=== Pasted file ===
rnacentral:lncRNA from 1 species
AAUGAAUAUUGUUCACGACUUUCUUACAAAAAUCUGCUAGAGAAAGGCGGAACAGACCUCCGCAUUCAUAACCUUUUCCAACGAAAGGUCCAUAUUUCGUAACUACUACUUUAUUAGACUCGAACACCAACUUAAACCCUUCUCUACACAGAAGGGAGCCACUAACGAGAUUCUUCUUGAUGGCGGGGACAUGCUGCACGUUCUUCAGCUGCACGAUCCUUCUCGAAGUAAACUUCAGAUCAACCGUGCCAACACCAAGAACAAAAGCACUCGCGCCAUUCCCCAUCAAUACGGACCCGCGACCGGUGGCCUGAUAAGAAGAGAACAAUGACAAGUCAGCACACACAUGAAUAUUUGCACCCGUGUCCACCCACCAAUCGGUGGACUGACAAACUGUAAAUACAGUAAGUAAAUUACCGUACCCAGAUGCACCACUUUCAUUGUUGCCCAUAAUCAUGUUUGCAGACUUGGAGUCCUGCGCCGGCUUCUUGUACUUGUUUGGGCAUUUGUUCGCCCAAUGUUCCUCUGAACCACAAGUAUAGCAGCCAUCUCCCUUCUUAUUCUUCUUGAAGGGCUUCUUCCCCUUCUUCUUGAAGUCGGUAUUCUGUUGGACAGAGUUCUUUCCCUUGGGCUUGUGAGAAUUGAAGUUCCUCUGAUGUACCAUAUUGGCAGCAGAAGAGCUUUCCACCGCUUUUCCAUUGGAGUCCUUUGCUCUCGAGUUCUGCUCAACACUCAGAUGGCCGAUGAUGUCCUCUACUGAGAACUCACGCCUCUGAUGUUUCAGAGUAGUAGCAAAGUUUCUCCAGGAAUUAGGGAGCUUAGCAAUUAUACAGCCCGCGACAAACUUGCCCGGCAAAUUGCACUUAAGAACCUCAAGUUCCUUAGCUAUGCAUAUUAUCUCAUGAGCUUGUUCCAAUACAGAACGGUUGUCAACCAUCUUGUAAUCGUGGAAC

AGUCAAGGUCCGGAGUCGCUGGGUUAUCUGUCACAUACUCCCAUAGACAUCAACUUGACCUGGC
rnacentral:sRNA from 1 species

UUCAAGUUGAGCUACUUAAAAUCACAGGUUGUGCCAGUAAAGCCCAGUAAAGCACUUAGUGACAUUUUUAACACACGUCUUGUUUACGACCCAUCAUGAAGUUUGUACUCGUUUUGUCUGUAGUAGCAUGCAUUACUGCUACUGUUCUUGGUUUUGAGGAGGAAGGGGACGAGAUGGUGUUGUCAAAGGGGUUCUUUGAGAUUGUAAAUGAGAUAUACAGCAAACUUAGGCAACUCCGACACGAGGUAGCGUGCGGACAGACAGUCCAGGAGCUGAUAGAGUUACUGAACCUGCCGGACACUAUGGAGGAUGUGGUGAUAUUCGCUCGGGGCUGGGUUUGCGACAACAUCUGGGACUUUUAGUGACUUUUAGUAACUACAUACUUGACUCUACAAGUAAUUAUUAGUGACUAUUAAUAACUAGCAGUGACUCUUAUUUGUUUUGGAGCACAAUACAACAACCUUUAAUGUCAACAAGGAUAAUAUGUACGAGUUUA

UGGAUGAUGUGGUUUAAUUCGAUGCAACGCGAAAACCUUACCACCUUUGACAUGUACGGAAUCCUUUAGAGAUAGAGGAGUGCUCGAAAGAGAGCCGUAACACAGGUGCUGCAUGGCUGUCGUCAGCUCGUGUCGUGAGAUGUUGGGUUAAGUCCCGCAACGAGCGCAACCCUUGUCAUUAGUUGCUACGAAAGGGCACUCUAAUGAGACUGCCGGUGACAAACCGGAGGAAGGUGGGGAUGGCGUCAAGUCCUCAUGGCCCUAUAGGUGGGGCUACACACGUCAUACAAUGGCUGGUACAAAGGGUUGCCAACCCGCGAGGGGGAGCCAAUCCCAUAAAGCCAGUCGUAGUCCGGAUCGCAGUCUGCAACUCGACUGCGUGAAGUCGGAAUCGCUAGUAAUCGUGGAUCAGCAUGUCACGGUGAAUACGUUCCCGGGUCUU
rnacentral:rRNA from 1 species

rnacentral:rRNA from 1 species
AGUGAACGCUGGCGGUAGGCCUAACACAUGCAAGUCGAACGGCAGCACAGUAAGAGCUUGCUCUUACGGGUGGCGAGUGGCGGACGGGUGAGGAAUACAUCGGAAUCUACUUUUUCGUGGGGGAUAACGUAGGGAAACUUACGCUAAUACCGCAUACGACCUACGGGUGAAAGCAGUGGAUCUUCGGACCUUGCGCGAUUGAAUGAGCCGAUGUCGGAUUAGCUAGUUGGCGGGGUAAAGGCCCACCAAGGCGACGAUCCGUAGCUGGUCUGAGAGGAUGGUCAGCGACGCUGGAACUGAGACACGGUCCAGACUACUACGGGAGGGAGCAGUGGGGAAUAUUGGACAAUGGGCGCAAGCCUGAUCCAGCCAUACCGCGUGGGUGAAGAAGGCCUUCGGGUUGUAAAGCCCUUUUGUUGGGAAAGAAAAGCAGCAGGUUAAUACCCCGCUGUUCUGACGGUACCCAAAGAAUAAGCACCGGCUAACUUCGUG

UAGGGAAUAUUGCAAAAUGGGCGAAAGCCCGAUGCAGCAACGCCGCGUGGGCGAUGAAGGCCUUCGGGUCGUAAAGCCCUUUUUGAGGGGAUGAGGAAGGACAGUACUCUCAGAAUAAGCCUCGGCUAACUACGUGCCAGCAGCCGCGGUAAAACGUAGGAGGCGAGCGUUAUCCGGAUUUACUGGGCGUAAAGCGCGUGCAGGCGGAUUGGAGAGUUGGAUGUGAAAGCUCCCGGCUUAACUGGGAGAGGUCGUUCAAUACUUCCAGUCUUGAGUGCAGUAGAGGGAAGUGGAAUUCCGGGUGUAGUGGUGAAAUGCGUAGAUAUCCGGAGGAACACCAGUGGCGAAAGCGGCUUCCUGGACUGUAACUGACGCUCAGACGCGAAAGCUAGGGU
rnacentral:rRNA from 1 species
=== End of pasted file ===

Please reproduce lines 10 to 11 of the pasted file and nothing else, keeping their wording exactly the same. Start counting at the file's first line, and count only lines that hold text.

UAGGGAAUAUUGCAAAAUGGGCGAAAGCCCGAUGCAGCAACGCCGCGUGGGCGAUGAAGGCCUUCGGGUCGUAAAGCCCUUUUUGAGGGGAUGAGGAAGGACAGUACUCUCAGAAUAAGCCUCGGCUAACUACGUGCCAGCAGCCGCGGUAAAACGUAGGAGGCGAGCGUUAUCCGGAUUUACUGGGCGUAAAGCGCGUGCAGGCGGAUUGGAGAGUUGGAUGUGAAAGCUCCCGGCUUAACUGGGAGAGGUCGUUCAAUACUUCCAGUCUUGAGUGCAGUAGAGGGAAGUGGAAUUCCGGGUGUAGUGGUGAAAUGCGUAGAUAUCCGGAGGAACACCAGUGGCGAAAGCGGCUUCCUGGACUGUAACUGACGCUCAGACGCGAAAGCUAGGGU
rnacentral:rRNA from 1 species